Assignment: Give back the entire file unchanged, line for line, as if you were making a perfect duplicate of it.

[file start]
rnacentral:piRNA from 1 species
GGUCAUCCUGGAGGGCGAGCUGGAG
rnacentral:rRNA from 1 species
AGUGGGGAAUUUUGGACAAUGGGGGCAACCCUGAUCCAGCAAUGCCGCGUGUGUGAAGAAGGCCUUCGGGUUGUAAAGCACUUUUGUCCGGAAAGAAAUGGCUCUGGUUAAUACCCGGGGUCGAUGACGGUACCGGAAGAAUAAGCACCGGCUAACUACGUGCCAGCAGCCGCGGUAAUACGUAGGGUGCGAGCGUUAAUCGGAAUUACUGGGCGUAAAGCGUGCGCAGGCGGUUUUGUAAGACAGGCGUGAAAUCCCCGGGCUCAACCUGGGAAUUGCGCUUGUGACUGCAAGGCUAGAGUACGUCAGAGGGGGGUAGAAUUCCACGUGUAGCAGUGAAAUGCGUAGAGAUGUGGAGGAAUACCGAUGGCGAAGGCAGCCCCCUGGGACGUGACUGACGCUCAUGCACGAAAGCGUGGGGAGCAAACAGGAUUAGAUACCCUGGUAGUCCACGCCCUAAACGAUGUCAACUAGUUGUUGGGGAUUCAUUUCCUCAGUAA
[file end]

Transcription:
rnacentral:piRNA from 1 species
GGUCAUCCUGGAGGGCGAGCUGGAG
rnacentral:rRNA from 1 species
AGUGGGGAAUUUUGGACAAUGGGGGCAACCCUGAUCCAGCAAUGCCGCGUGUGUGAAGAAGGCCUUCGGGUUGUAAAGCACUUUUGUCCGGAAAGAAAUGGCUCUGGUUAAUACCCGGGGUCGAUGACGGUACCGGAAGAAUAAGCACCGGCUAACUACGUGCCAGCAGCCGCGGUAAUACGUAGGGUGCGAGCGUUAAUCGGAAUUACUGGGCGUAAAGCGUGCGCAGGCGGUUUUGUAAGACAGGCGUGAAAUCCCCGGGCUCAACCUGGGAAUUGCGCUUGUGACUGCAAGGCUAGAGUACGUCAGAGGGGGGUAGAAUUCCACGUGUAGCAGUGAAAUGCGUAGAGAUGUGGAGGAAUACCGAUGGCGAAGGCAGCCCCCUGGGACGUGACUGACGCUCAUGCACGAAAGCGUGGGGAGCAAACAGGAUUAGAUACCCUGGUAGUCCACGCCCUAAACGAUGUCAACUAGUUGUUGGGGAUUCAUUUCCUCAGUAA